Critical queer studies: law, film, and fiction in contemporary American cultureAshgate Pub., Farnham, Surrey, UK- Burlington, VT, 2012, 191 pp.
Critical Queer Studies examines contemporary films and documentaries that dramatize the intersection of law and queer life, analysing the effects of legal doctrines-jury selection, unwanted sexual advance, negligence, hate crimes, and gay marriage-on the production and reception of queer film and fiction. Exploring the interaction of these discourses by discussing internationally-known American films, the book demonstrates how the law maintains its hold over the queer subject through promoting certain ideological fictions and conversely how film and literature draw upon the material realities of queer legal status to dramatize conflicts between law and the marginalized subject. Critical Queer Studies synthesizes queer studies, law and literature, and film studies, engaging these fields to show how the struggle for gay and lesbian rights has influenced the production of film and fiction.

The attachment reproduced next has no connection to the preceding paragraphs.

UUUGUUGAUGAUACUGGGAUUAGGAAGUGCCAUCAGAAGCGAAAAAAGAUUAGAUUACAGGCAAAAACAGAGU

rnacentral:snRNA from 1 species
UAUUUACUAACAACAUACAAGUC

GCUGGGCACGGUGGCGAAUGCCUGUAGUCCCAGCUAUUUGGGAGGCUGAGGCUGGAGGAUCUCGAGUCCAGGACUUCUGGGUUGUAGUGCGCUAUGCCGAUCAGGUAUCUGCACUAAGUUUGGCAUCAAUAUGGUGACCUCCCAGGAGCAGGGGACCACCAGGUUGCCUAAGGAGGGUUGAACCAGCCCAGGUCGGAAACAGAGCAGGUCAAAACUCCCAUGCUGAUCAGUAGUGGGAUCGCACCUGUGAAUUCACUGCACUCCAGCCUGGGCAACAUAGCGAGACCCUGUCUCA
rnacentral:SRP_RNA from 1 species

A jury of one's queers: revisiting the Dan White trial
Panic in the project
Queer torts: gender trans-gression in the Brandon Teena case
The imagined power: the specter of hate crime in Brokeback Mountain
Queer exposures: making the reel real in Van Sant's Milk
Conclusion: toward a queer political aesthetic.
Casey Charles is a former lawyer who now teaches English at the University of Montana. Both his teaching and literature focus on gay and lesbian literature, queer film, and critical theory. His first book, The Sharon Kowalski Case: Lesbian and Gay Rights on Trial (University Press of Kansas, Lawrence, Kan., 2003, 305 p. ISBN: 978-0700612338), was a finalist for the Publishing Triangle Award in non-fiction.